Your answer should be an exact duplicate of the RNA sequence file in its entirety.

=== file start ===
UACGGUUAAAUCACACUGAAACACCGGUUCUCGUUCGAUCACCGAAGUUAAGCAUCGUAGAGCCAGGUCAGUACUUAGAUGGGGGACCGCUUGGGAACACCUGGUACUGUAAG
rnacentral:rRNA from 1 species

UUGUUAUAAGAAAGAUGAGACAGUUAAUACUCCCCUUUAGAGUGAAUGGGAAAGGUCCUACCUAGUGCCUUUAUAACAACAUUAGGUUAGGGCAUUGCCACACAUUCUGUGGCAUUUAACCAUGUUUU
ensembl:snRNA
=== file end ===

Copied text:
UACGGUUAAAUCACACUGAAACACCGGUUCUCGUUCGAUCACCGAAGUUAAGCAUCGUAGAGCCAGGUCAGUACUUAGAUGGGGGACCGCUUGGGAACACCUGGUACUGUAAG
rnacentral:rRNA from 1 species

UUGUUAUAAGAAAGAUGAGACAGUUAAUACUCCCCUUUAGAGUGAAUGGGAAAGGUCCUACCUAGUGCCUUUAUAACAACAUUAGGUUAGGGCAUUGCCACACAUUCUGUGGCAUUUAACCAUGUUUU
ensembl:snRNA